#72: Improving Health in Menominee County
Lauren Lamers, MPH
Wisconsin Population Health Service Fellow
Menominee Tribal Clinic
Shawano-Menominee Counties Health Department
On March 26, the Robert Wood Johnson Foundation and University of Wisconsin Population Health Institute
released the 2014 County Health Rankings. Within each state in the U.S., the Rankings rank counties from most to
least healthy based on heath outcomes as well as the environmental, clinical,
social, and behavioral factors that influence health. For many counties, the release of the Rankings is an opportunity to see how
their community’s health measures up to other counties in their state, identify
successes in improving community health, and hone in on areas that still need
improvement. For Menominee County,
however, the Rankings tend to be all
|County Health Rankings Model|
University of Wisconsin Population Health Institute.
County Health Rankings and Roadmaps 2014. www.countyhealthrankings.org
Every year since the Rankings
have been released nationally, Menominee
County has ranked 72nd of Wisconsin’s 72 counties
for both health outcomes and the factors that influence health. Perusing the data behind Menominee County’s
ranking, several factors driving the low ranking quickly become apparent:
unemployment and child poverty rates more than double the state average, high
rates of teen pregnancy, and a high prevalence of health risks such as smoking
and obesity just to name a few.
Furthermore, considering the wide disparities in health outcomes and
health determinants between Menominee County and other counties in Wisconsin, the #72 ranking is unlikely to
change any time soon.
Although consistently being ranked last in the Health Rankings can paint a rather grim
and defeating picture, when I began my fellowship with the Menominee Tribal
Clinic I quickly realized how much the Health
Rankings, while not necessarily inaccurate, do not capture. In many ways, it is the factors that the Rankings cannot directly measure that tell
a much richer and more inspiring story about the health of this community.
First, there are a host of historical factors not directly
captured in the County Health Rankings that
nonetheless underlie the Rankings’ measures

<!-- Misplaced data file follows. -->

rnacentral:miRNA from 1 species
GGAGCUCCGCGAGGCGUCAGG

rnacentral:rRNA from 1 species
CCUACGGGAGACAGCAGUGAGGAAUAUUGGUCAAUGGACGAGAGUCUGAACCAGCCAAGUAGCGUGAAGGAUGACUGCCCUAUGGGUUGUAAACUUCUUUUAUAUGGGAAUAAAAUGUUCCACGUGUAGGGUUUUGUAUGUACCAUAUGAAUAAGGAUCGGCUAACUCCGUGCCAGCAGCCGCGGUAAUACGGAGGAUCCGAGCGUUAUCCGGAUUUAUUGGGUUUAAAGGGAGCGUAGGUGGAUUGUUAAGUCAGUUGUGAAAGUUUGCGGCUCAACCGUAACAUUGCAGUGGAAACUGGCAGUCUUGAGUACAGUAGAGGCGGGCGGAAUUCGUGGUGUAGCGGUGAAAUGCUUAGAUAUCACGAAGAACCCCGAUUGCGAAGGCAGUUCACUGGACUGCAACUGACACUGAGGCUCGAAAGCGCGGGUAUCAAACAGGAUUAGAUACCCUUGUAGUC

of heath outcomes and health determinants.
As a predominantly Native American community, the historical trauma
experienced by the Menominee Tribe, including forced relocation to the present
reservation, boarding school educational policies intended to destroy Menominee
culture, and termination of the Menominees’ status as a federally recognized
tribe in the mid-twentieth century, continues to dramatically affect the health
of the community. Many of the indicators
captured in the Rankings, such as
high rates of poverty, substance abuse, and premature death, are direct reflections of this
legacy of historical trauma.
Many efforts are currently underway, however, to address and
move beyond this trauma and improve the physical, social, emotional, and
spiritual wellbeing of the Menominee people.
Through Fostering Futures, an initiative to promote trauma-informed care
across tribal and county agencies, community leaders have joined together to
discuss the impact of historical and intergenerational trauma and discuss how
to build resilience among families and children. Additionally, in response to the county’s
health ranking, a Community Engagement Workgroup of stakeholders across a
variety of sectors has been meeting for several years to implement initiatives
aimed at reducing youth obesity and teen pregnancy and improving school
readiness. Other local coalitions and
programs are actively addressing issues such as substance abuse and are
promoting healthy youth development through the teaching of the Menominee
language and traditional cultural practices.
Through this work, community members have identified how a variety of
social, environmental, and behavioral factors interact to influence health, and
their collaboration has enabled them to take a multifaceted approach to
improving community wellbeing.
While the engagement, collaboration, and resilience of the
Menominee community are not necessarily quantifiable factors that can be
incorporated to a Health Rankings model,
they are crucial for eventually making changes to improve community health. It will take years for small improvements in
health to be manifest in the overall health ranking, but there are already some
indicators of the fantastic work that this community is doing. For instance, in the 2010 Rankings, the percentage of Menominee County ninth grade
students who graduated in four years was 68% – the lowest in Wisconsin. In the 2014 Rankings, that number has increased to 93% - above state
average. Violent crime has decreased,
and Menominee County is currently ranked 45th
for clinical care and 15th for environmental factors.
According to the Robert Wood Johnson Foundation and UW
Population Health Institute, the County
Health Rankings are intended to “serve as a call to action for communities
to understand the health problems in their community, get more people involved
in improving the health of communities, and recognize that factors outside
medical care influence health.”1
The community members in Menominee
County have certainly
embraced this call to action wholeheartedly.
While it may not be reflected in the #72 health ranking, their fantastic
work to improve health and wellbeing is an exemplary model for other
communities to follow.
1. County Health
Rankings and Roadmaps. Frequently Asked